Book Review: Beyond the Darkness: Cult, Horror, and Extreme Cinema – Author Phil Russell

It’s very well possible, that “this” book in particular “Beyond the Darkness” has been long overdue in the film and cinema literature circuit. As those who are familiar with this style already know, many of these films are not the kind that mainstream will embrace (let alone admit to ever watching). It’s hard core stuff pain and simple. The worst of the worst for that matter. The films that get banned, written about, disgust, and generally held accountable for the downfall of mankind. The mainstream comforts in the fact that they will never “get” to see some of these, but with films like “A Serbian Film” hitting the shelves at Best Buy, ..well those days are becoming a thing of the past.

Now, those who would pick up a book like this generally are not just cinema-pile book shopping. They have come with a purpose and an agenda. This agenda, if you may is one of the underground horror sector that seeks films that push the boundaries of everything ever created. The nasty stuff, the stuff that you share with those who understand and those who will listen. That special sharing moment when you proclaim “now I’ve got something you have to see at least once!…”  (And then compare notes with those who have, to see if they have a title you “haven’t”)

Yep these are the defining cinematic creations from filmmakers who push the envelope and want to either make a statement or just gross the hell out of you. Author Phil Russell has recognized this need (In fact we as a web site have recognized this need simply by thru popularity that “extreme cinema” articles get). Though with any research or comfort, having a book to curdle up to is something more portable, more personal.

Phil Russell has tackled quite a bit of films in this edition, not “all” mind you but a heavy helping of extreme, CAT III and subversive cinema. Any newbie to this “sector” will quickly get an eye opening as the reviews take you from horror into “beyond” horror with a full load of titles that are well known for being off the grid. In fact good luck with tracking many of these down. With that being said, these are the titles that small independent bootleg distributors relish in. They are out there, and if not, keeping trying as they will rear their ugly heads again.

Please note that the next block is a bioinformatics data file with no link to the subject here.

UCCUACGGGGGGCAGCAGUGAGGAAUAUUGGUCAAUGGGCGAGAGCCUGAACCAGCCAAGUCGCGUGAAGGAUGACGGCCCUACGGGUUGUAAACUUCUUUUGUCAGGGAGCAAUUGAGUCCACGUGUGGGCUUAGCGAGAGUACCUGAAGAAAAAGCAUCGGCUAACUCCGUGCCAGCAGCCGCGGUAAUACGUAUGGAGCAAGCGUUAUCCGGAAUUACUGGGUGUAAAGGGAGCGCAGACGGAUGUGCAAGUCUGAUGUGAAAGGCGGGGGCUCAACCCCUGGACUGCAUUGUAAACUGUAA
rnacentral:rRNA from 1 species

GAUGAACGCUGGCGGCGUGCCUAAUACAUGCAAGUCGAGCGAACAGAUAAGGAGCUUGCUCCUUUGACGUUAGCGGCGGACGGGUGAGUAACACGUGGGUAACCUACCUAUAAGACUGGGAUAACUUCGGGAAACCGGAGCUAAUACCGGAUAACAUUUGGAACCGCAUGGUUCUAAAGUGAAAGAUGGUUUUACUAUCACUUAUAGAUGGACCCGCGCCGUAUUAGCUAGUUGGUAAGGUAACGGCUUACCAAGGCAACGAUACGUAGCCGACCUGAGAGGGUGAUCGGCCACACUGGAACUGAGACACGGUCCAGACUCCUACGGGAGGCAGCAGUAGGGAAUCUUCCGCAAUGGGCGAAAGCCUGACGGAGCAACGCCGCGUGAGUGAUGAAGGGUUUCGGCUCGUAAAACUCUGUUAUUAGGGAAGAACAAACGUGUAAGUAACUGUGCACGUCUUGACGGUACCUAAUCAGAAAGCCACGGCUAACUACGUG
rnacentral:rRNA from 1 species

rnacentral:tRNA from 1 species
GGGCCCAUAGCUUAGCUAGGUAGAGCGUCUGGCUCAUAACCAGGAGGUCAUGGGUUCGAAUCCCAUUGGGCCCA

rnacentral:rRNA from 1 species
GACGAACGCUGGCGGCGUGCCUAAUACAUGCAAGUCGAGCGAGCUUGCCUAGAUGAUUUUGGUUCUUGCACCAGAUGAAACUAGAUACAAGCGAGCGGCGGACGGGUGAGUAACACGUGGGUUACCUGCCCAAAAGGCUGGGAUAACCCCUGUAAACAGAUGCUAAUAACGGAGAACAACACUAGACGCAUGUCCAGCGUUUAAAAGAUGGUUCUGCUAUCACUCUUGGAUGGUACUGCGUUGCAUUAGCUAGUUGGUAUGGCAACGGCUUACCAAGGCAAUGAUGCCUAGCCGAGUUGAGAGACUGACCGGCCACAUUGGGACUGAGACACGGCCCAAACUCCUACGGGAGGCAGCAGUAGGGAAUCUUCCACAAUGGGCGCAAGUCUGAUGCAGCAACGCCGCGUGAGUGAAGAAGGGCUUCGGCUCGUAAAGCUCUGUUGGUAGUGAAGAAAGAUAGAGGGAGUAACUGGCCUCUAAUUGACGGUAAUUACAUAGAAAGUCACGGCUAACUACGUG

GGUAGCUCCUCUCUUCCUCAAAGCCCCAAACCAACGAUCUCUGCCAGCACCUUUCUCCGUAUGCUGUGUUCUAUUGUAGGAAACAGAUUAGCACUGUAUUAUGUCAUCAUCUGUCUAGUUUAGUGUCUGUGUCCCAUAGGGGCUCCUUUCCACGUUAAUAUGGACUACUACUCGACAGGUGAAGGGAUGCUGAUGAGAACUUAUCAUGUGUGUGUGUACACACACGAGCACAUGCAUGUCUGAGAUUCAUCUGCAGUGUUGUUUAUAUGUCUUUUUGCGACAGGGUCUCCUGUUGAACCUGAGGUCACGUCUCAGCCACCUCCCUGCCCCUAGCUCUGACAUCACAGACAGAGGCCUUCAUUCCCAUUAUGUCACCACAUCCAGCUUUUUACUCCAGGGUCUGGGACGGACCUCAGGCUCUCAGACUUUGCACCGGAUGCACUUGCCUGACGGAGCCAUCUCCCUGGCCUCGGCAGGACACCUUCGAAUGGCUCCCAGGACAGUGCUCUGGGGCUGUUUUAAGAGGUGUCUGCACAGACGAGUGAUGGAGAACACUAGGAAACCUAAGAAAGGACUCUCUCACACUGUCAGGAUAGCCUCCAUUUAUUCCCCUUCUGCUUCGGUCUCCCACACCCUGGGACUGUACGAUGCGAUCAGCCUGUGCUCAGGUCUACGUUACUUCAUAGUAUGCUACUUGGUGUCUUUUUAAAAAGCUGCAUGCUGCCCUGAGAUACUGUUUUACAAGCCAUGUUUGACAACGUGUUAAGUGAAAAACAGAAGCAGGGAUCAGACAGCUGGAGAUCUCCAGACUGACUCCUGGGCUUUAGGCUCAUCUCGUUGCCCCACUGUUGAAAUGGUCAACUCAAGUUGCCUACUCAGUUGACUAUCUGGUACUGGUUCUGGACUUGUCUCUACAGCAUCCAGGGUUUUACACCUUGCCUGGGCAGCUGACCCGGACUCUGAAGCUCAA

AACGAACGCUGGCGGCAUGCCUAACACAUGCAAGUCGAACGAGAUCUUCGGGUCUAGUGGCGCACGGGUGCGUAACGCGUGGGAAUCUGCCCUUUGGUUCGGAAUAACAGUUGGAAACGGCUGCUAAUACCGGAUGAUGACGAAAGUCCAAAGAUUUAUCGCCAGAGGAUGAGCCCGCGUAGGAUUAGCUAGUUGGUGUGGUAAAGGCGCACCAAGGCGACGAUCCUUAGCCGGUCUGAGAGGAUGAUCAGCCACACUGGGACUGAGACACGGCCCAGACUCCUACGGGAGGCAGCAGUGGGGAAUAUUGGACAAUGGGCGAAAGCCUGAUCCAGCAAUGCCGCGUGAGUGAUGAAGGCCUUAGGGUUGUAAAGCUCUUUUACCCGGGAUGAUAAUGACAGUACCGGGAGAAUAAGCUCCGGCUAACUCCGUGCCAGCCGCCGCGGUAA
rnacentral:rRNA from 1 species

For those who seek out these films, it becomes sort of a collector’s market, checklist of sorts of trying to track down all the nasty stuff. Phil Russell has put the research into defining some these films for collectors and readers to educate themselves on with a paperback coming in at over 400 pages of pure nastiness. As a reader collector myself, (if not purely to know of all the releases in this category) this is a great find and quite frankly saves me those extra hours needed to pick thru the Internet whisperings of what exists.

Phil has a great sense of reviewing and how to interpret these taboo subjects so that readers get the gist without always to refer to “he stuck his prick in her eye socket” style reviews. While these films (most of the time) fall outside the area of p#rn, they still come close in a perverse way.

The book takes an alphabetical approach which is fine from an alphabetical perspective, though I would have preferred that the CAT III, the extreme films and the cult films each had their own sections. This would eliminate having films like “Ghosts of Mars” backing up to “Gong Tau”, and so on. I think if one were picking this up not knowing which film was which, they might get confused in the jump from one style to the other. With that said, the extreme films and the CAT III films could easily make up their own volumes as a 2-3 part collector set….just a thought.

The book ends on a few essays about the morals, the censorship and the trend that makes up where we have been and where we are going as movie culture. The book also features a few interviews which provides a welcome inclusion. I might also recommend getting a few of the cult extremists like Vogel, Stanze, Ittenbach, and Zebub on board for some serious reveals in a follow up edition.

In summary this is a great book to have on hand. One reason is simply to seek out these edgy films by name which might allude you in your searches (take for instance the collective of Nick Zedd) which falls off the radar. My guess is, that this release will grow in time with new additions (as they are located that is). Fans of hardcore horror would fair well with this compendium of sorts (if only to avoid having to see some of these).

for direct paperback copy , for Kindle version

Book Review: Beyond the Darkness: Cult, Horror, and Extreme Cinema – Author Phil Russell

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